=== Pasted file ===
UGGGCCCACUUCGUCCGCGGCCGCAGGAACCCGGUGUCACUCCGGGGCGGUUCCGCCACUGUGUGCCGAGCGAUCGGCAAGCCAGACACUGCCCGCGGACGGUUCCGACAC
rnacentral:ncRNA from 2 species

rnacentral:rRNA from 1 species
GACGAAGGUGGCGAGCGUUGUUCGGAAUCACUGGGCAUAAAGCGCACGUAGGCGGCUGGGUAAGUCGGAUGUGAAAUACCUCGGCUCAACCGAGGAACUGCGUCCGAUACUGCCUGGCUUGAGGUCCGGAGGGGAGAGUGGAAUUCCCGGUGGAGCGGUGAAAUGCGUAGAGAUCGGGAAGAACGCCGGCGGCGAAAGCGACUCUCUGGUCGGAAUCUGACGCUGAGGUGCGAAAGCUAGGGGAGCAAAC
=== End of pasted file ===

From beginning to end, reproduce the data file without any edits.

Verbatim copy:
UGGGCCCACUUCGUCCGCGGCCGCAGGAACCCGGUGUCACUCCGGGGCGGUUCCGCCACUGUGUGCCGAGCGAUCGGCAAGCCAGACACUGCCCGCGGACGGUUCCGACAC
rnacentral:ncRNA from 2 species

rnacentral:rRNA from 1 species
GACGAAGGUGGCGAGCGUUGUUCGGAAUCACUGGGCAUAAAGCGCACGUAGGCGGCUGGGUAAGUCGGAUGUGAAAUACCUCGGCUCAACCGAGGAACUGCGUCCGAUACUGCCUGGCUUGAGGUCCGGAGGGGAGAGUGGAAUUCCCGGUGGAGCGGUGAAAUGCGUAGAGAUCGGGAAGAACGCCGGCGGCGAAAGCGACUCUCUGGUCGGAAUCUGACGCUGAGGUGCGAAAGCUAGGGGAGCAAAC